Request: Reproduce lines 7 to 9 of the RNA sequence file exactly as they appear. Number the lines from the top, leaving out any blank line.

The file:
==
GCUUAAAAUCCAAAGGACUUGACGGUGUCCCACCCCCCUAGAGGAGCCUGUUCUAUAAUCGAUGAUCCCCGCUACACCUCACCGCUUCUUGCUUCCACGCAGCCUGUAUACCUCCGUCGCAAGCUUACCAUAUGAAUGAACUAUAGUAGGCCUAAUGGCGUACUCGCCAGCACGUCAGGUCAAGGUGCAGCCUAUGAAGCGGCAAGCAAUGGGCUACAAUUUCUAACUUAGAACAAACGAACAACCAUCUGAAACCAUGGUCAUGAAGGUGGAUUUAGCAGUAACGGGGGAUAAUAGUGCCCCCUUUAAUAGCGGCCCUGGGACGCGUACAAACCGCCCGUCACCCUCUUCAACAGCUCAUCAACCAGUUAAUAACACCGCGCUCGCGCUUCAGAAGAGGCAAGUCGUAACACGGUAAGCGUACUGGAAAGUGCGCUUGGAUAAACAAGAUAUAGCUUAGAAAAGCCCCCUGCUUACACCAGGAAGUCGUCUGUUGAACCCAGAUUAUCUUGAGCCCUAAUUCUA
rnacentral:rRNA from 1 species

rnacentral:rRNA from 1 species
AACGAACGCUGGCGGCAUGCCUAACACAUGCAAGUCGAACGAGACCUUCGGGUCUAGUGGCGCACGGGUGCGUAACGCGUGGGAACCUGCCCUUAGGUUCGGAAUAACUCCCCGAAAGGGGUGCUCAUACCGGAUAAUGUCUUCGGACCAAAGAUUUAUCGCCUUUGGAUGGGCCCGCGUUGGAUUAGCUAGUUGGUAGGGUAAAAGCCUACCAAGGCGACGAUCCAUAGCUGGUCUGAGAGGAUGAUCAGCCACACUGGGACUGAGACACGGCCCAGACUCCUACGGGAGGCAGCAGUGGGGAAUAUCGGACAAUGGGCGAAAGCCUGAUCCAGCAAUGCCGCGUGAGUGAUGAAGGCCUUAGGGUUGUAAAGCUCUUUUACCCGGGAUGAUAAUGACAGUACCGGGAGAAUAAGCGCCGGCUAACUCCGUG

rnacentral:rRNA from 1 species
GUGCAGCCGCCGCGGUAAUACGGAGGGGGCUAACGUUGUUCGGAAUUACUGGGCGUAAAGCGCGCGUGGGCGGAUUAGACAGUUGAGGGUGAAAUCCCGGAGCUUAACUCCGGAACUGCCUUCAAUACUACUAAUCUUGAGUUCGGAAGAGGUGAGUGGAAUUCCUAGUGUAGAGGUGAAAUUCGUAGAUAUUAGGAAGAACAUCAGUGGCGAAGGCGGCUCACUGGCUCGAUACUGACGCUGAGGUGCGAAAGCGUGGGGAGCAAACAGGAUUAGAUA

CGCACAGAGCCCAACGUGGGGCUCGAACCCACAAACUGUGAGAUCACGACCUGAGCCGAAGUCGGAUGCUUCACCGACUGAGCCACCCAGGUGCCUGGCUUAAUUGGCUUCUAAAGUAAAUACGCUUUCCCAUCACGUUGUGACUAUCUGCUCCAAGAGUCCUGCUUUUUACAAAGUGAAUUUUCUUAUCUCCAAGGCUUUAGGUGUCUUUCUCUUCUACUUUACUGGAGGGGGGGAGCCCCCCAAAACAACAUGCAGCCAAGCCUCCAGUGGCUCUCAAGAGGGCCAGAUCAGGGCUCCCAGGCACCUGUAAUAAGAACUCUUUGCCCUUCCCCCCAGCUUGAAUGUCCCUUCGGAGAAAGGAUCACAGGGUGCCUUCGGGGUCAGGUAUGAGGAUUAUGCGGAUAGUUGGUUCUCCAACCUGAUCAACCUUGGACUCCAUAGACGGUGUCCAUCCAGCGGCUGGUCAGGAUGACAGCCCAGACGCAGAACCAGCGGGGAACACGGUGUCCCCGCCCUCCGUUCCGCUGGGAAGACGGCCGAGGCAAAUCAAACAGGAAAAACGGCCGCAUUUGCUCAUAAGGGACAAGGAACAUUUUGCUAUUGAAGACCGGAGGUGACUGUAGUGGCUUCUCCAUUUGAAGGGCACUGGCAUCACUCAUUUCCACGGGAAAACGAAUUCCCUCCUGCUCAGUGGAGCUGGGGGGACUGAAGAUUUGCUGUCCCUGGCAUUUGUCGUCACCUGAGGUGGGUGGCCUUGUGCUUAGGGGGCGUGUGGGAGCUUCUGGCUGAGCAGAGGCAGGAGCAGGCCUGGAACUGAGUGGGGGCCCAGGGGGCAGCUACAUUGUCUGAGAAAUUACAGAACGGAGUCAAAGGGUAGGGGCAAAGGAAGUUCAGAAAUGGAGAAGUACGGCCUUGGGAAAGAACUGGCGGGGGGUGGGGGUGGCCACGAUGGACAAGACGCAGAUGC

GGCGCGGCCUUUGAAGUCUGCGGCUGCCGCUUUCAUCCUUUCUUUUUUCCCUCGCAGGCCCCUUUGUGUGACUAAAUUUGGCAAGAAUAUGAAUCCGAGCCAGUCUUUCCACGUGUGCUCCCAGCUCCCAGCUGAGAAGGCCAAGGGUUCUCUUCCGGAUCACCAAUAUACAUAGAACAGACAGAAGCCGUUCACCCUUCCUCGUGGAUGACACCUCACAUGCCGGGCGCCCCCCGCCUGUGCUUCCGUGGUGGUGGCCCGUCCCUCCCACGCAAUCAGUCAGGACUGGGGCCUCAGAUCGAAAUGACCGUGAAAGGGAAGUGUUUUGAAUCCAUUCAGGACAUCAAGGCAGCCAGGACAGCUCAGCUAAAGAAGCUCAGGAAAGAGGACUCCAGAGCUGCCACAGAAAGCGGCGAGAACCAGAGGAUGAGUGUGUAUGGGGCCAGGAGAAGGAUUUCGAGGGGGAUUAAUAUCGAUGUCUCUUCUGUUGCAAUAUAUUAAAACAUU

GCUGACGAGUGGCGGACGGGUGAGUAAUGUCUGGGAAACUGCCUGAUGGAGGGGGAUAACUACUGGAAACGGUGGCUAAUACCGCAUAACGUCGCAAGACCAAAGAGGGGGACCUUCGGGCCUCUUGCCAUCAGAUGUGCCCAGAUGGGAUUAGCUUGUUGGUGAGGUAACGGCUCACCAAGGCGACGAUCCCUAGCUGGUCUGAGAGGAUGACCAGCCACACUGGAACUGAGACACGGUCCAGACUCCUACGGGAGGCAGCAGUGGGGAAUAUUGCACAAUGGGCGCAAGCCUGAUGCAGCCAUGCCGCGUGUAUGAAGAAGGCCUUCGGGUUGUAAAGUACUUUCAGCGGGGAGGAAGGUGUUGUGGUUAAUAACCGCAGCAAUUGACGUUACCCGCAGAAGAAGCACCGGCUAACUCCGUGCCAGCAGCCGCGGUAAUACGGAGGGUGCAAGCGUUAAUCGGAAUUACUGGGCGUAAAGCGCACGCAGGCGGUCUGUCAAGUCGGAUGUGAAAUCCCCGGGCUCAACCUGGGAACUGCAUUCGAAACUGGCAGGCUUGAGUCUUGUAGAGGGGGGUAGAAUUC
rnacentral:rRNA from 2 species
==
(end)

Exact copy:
CGCACAGAGCCCAACGUGGGGCUCGAACCCACAAACUGUGAGAUCACGACCUGAGCCGAAGUCGGAUGCUUCACCGACUGAGCCACCCAGGUGCCUGGCUUAAUUGGCUUCUAAAGUAAAUACGCUUUCCCAUCACGUUGUGACUAUCUGCUCCAAGAGUCCUGCUUUUUACAAAGUGAAUUUUCUUAUCUCCAAGGCUUUAGGUGUCUUUCUCUUCUACUUUACUGGAGGGGGGGAGCCCCCCAAAACAACAUGCAGCCAAGCCUCCAGUGGCUCUCAAGAGGGCCAGAUCAGGGCUCCCAGGCACCUGUAAUAAGAACUCUUUGCCCUUCCCCCCAGCUUGAAUGUCCCUUCGGAGAAAGGAUCACAGGGUGCCUUCGGGGUCAGGUAUGAGGAUUAUGCGGAUAGUUGGUUCUCCAACCUGAUCAACCUUGGACUCCAUAGACGGUGUCCAUCCAGCGGCUGGUCAGGAUGACAGCCCAGACGCAGAACCAGCGGGGAACACGGUGUCCCCGCCCUCCGUUCCGCUGGGAAGACGGCCGAGGCAAAUCAAACAGGAAAAACGGCCGCAUUUGCUCAUAAGGGACAAGGAACAUUUUGCUAUUGAAGACCGGAGGUGACUGUAGUGGCUUCUCCAUUUGAAGGGCACUGGCAUCACUCAUUUCCACGGGAAAACGAAUUCCCUCCUGCUCAGUGGAGCUGGGGGGACUGAAGAUUUGCUGUCCCUGGCAUUUGUCGUCACCUGAGGUGGGUGGCCUUGUGCUUAGGGGGCGUGUGGGAGCUUCUGGCUGAGCAGAGGCAGGAGCAGGCCUGGAACUGAGUGGGGGCCCAGGGGGCAGCUACAUUGUCUGAGAAAUUACAGAACGGAGUCAAAGGGUAGGGGCAAAGGAAGUUCAGAAAUGGAGAAGUACGGCCUUGGGAAAGAACUGGCGGGGGGUGGGGGUGGCCACGAUGGACAAGACGCAGAUGC

GGCGCGGCCUUUGAAGUCUGCGGCUGCCGCUUUCAUCCUUUCUUUUUUCCCUCGCAGGCCCCUUUGUGUGACUAAAUUUGGCAAGAAUAUGAAUCCGAGCCAGUCUUUCCACGUGUGCUCCCAGCUCCCAGCUGAGAAGGCCAAGGGUUCUCUUCCGGAUCACCAAUAUACAUAGAACAGACAGAAGCCGUUCACCCUUCCUCGUGGAUGACACCUCACAUGCCGGGCGCCCCCCGCCUGUGCUUCCGUGGUGGUGGCCCGUCCCUCCCACGCAAUCAGUCAGGACUGGGGCCUCAGAUCGAAAUGACCGUGAAAGGGAAGUGUUUUGAAUCCAUUCAGGACAUCAAGGCAGCCAGGACAGCUCAGCUAAAGAAGCUCAGGAAAGAGGACUCCAGAGCUGCCACAGAAAGCGGCGAGAACCAGAGGAUGAGUGUGUAUGGGGCCAGGAGAAGGAUUUCGAGGGGGAUUAAUAUCGAUGUCUCUUCUGUUGCAAUAUAUUAAAACAUU

GCUGACGAGUGGCGGACGGGUGAGUAAUGUCUGGGAAACUGCCUGAUGGAGGGGGAUAACUACUGGAAACGGUGGCUAAUACCGCAUAACGUCGCAAGACCAAAGAGGGGGACCUUCGGGCCUCUUGCCAUCAGAUGUGCCCAGAUGGGAUUAGCUUGUUGGUGAGGUAACGGCUCACCAAGGCGACGAUCCCUAGCUGGUCUGAGAGGAUGACCAGCCACACUGGAACUGAGACACGGUCCAGACUCCUACGGGAGGCAGCAGUGGGGAAUAUUGCACAAUGGGCGCAAGCCUGAUGCAGCCAUGCCGCGUGUAUGAAGAAGGCCUUCGGGUUGUAAAGUACUUUCAGCGGGGAGGAAGGUGUUGUGGUUAAUAACCGCAGCAAUUGACGUUACCCGCAGAAGAAGCACCGGCUAACUCCGUGCCAGCAGCCGCGGUAAUACGGAGGGUGCAAGCGUUAAUCGGAAUUACUGGGCGUAAAGCGCACGCAGGCGGUCUGUCAAGUCGGAUGUGAAAUCCCCGGGCUCAACCUGGGAACUGCAUUCGAAACUGGCAGGCUUGAGUCUUGUAGAGGGGGGUAGAAUUC